What to Expect with International Money Transfers in 2018?by Company Announcement April 12, 2018
A report on CNBC indicated that TransferWise generated substantial revenues for the year ending March 31, 2017, and it was targeting precisely the same performance for the year ending March 31, 2018.
The chief financial officer of TransferWise, Matt Briers was confident that the company can continue to remain profitable and expand operations in 2018. For the year ending March 31, 2017, the UK-based money transfer company generated revenues of £67 million – double the revenues generated in 2016.
Its adjusted operating profit amounted to £2 million. In the words of Brier,
‘… We are managing to be a sustainable business. So, I’d expect us to be profitable. We’ve been profitable for the last year. We are very much focused on just driving growth as a business. It’s all about growing but growing in a sustainable manner.’
The CFO of TransferWise did not indicate what type of profits the company expects to generate in 2018, but he stated that similar growth patterns will prevail. As one of Europe’s leading FinTech companies, TransferWise is now valued at around $1.6 billion.
Clients can perform international money transfers in multiple currencies, sans all the high fees, costs and commissions that are applicable to bank transfers. Now, major industry players like Western Union are also fighting for their slice of the proverbial pie after losing their exclusive status as alternative #1 to the banks.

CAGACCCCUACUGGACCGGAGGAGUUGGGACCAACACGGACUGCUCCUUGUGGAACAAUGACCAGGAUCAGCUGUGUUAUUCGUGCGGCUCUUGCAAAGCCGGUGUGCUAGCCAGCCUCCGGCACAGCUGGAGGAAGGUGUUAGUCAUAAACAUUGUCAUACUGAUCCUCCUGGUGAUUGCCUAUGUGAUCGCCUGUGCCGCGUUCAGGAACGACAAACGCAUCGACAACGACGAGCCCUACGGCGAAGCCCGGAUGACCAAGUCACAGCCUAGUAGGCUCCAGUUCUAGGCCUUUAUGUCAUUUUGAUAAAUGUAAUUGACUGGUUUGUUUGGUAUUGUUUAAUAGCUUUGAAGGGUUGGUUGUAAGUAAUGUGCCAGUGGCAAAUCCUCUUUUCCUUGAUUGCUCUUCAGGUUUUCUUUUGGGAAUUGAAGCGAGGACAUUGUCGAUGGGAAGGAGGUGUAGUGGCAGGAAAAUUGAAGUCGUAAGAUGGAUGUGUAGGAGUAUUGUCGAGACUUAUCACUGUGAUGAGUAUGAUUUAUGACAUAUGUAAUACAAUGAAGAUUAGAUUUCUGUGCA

International Payments Transfers – The Players
Global remittances (payment transfers) are a big business. The top industry leaders in this realm include companies like Azimo, TransferWise, Ripple, MoneyGram, WorldFirst, TorFX, Currencies Direct and OFX among others. According to the World Bank, the total value of remittances to developing countries in 2016 was $429 billion – down from $440 billion in 2015.
Transfers to first world countries have also declined in recent years but remain substantial at around $575 billion (2016 figures). At that time, it was a weakness in commodity prices such as crude oil that had a curtailing effect on global remittances. Oil prices have subsequently rebounded, as WTI crude oil and Brent crude oil prices are now in the $60 – $70 per barrel range.
Benefits of Fintech Company Money Transfers
Companies like Western Union are feeling the pinch from FinTech operators like TransferWise. Owing to this increasing pressure, Western Union is now implementing expansion of its mobile payment sector for its Canadian customers. The money transfer app which is available to US customers is now created for Canadian customers too.
Once it is up and running, clients will be able to transfer/receive payments in more than 200 countries around the world. International mobile payments processing is the way of the future for these money transfer companies, and it is growing at a rate of knots.
For 2018, all signs are positive. According to the latest report from the best providers 2018 awards, the top-ranking money transfer company for the year to date is WorldFirst. This highly respected international money transfer organization allows minimum transfers of £1,000/$1,000/€1,000.
It currently supports 121 currencies and has offices around the world. With a rating of 97.8% among users, it is both credible and prestigious. There are many checkmarks that money transfer companies must comply with, including service quality, reputation, pricing, currency supported, optimized payments, best exchange rates etc.
A stabilizing global economy is evident in the US, the UK and across Europe. The GBP/USD is back at its 1.40 level (pre-Brexit level), the US dollar is down 2.89% for the year, which is good for commodity prices, and US employment is at an optimal level. With all the proverbial ducks lined up in a row, 2018 is expected to be a bumper year for global money transfers. Customers have wised up to the high exchange rates and fees charged by banks and are likely to turn to FinTech organizations for their global remittances.
Featured image via Pexels